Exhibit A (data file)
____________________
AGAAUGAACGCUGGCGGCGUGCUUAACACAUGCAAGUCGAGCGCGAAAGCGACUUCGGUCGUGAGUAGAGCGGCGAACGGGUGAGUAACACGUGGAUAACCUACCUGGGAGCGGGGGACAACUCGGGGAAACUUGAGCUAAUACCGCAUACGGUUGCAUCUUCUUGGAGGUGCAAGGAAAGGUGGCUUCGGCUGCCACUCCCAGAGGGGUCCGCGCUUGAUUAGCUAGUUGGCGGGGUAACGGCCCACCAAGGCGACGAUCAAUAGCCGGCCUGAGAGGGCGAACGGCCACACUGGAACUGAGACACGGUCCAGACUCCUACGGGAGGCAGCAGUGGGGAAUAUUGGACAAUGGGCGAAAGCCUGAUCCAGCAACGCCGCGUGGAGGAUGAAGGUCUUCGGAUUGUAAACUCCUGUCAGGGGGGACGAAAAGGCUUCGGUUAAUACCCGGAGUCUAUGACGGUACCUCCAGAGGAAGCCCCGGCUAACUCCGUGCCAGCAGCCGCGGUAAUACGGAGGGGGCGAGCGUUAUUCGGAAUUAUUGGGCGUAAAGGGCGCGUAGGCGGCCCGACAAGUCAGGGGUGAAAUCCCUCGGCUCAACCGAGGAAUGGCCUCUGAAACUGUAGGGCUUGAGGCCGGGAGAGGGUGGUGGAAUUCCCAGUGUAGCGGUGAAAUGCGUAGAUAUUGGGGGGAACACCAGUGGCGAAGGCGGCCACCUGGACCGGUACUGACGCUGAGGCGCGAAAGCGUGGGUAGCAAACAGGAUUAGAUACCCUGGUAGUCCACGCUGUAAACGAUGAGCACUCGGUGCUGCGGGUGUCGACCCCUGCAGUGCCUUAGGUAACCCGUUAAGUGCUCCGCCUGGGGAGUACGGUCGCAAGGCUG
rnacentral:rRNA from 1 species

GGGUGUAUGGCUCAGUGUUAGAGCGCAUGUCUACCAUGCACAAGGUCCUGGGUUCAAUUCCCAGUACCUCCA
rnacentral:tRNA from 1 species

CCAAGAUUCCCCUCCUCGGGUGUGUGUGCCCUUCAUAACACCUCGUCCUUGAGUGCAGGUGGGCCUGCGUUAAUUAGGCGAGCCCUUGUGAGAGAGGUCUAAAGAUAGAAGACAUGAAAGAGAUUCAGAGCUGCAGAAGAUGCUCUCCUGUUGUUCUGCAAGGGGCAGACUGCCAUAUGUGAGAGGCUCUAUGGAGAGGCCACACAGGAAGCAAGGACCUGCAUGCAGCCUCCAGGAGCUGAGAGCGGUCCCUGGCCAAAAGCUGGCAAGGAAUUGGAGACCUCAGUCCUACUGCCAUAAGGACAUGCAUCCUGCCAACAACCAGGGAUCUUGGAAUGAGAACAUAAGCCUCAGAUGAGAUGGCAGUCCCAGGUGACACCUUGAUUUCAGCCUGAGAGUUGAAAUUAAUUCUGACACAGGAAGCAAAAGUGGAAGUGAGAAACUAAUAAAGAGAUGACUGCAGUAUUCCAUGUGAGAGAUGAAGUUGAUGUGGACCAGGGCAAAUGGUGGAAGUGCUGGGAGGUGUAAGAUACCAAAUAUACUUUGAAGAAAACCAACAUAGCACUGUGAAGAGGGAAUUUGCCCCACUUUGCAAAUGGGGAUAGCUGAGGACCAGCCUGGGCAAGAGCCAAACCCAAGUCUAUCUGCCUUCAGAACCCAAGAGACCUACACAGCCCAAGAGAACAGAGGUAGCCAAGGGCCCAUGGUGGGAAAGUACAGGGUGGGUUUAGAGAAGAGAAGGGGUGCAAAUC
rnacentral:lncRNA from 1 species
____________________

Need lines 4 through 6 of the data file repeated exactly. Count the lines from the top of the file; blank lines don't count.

rnacentral:tRNA from 1 species

CCAAGAUUCCCCUCCUCGGGUGUGUGUGCCCUUCAUAACACCUCGUCCUUGAGUGCAGGUGGGCCUGCGUUAAUUAGGCGAGCCCUUGUGAGAGAGGUCUAAAGAUAGAAGACAUGAAAGAGAUUCAGAGCUGCAGAAGAUGCUCUCCUGUUGUUCUGCAAGGGGCAGACUGCCAUAUGUGAGAGGCUCUAUGGAGAGGCCACACAGGAAGCAAGGACCUGCAUGCAGCCUCCAGGAGCUGAGAGCGGUCCCUGGCCAAAAGCUGGCAAGGAAUUGGAGACCUCAGUCCUACUGCCAUAAGGACAUGCAUCCUGCCAACAACCAGGGAUCUUGGAAUGAGAACAUAAGCCUCAGAUGAGAUGGCAGUCCCAGGUGACACCUUGAUUUCAGCCUGAGAGUUGAAAUUAAUUCUGACACAGGAAGCAAAAGUGGAAGUGAGAAACUAAUAAAGAGAUGACUGCAGUAUUCCAUGUGAGAGAUGAAGUUGAUGUGGACCAGGGCAAAUGGUGGAAGUGCUGGGAGGUGUAAGAUACCAAAUAUACUUUGAAGAAAACCAACAUAGCACUGUGAAGAGGGAAUUUGCCCCACUUUGCAAAUGGGGAUAGCUGAGGACCAGCCUGGGCAAGAGCCAAACCCAAGUCUAUCUGCCUUCAGAACCCAAGAGACCUACACAGCCCAAGAGAACAGAGGUAGCCAAGGGCCCAUGGUGGGAAAGUACAGGGUGGGUUUAGAGAAGAGAAGGGGUGCAAAUC
rnacentral:lncRNA from 1 species